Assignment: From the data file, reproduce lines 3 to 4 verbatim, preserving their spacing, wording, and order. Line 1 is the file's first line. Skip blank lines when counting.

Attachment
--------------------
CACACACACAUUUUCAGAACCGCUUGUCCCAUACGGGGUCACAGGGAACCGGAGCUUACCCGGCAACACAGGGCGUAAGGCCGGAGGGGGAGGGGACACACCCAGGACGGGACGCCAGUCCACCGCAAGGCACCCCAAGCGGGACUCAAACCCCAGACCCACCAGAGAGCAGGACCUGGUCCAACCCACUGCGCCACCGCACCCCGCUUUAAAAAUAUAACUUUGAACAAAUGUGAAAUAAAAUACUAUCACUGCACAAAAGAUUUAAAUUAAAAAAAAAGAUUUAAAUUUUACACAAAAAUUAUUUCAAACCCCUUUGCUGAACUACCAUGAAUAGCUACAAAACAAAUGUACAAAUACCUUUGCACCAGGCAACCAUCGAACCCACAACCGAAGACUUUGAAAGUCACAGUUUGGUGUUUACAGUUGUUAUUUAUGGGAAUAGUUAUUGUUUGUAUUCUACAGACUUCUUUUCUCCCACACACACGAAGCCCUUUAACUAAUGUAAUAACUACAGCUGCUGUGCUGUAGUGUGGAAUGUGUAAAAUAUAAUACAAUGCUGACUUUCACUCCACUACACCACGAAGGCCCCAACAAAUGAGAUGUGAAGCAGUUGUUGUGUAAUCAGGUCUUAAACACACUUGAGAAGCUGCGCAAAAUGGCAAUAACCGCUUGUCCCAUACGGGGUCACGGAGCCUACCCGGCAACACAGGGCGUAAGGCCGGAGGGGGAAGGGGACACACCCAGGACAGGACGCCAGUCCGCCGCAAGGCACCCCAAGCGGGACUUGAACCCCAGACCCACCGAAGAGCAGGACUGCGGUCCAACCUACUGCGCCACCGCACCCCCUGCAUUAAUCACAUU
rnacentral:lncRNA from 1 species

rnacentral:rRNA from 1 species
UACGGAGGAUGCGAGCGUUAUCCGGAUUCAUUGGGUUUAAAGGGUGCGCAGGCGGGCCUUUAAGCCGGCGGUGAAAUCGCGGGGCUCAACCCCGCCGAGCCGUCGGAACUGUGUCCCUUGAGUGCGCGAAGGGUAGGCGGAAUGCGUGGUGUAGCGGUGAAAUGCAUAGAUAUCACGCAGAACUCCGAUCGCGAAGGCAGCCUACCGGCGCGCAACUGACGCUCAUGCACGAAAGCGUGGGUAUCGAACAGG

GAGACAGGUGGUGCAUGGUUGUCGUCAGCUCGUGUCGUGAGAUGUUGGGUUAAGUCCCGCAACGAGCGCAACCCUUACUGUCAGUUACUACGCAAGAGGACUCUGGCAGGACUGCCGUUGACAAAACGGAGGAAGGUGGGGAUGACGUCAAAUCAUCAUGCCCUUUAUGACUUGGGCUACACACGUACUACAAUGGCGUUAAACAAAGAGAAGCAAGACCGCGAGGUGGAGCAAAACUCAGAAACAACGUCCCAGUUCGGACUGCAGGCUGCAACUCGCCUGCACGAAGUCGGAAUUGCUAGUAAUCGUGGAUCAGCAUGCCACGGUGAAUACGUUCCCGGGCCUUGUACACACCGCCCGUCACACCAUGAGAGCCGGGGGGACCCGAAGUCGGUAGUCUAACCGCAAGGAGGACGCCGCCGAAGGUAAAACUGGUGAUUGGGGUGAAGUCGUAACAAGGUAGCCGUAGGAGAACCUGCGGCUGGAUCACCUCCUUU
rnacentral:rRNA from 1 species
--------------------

rnacentral:rRNA from 1 species
UACGGAGGAUGCGAGCGUUAUCCGGAUUCAUUGGGUUUAAAGGGUGCGCAGGCGGGCCUUUAAGCCGGCGGUGAAAUCGCGGGGCUCAACCCCGCCGAGCCGUCGGAACUGUGUCCCUUGAGUGCGCGAAGGGUAGGCGGAAUGCGUGGUGUAGCGGUGAAAUGCAUAGAUAUCACGCAGAACUCCGAUCGCGAAGGCAGCCUACCGGCGCGCAACUGACGCUCAUGCACGAAAGCGUGGGUAUCGAACAGG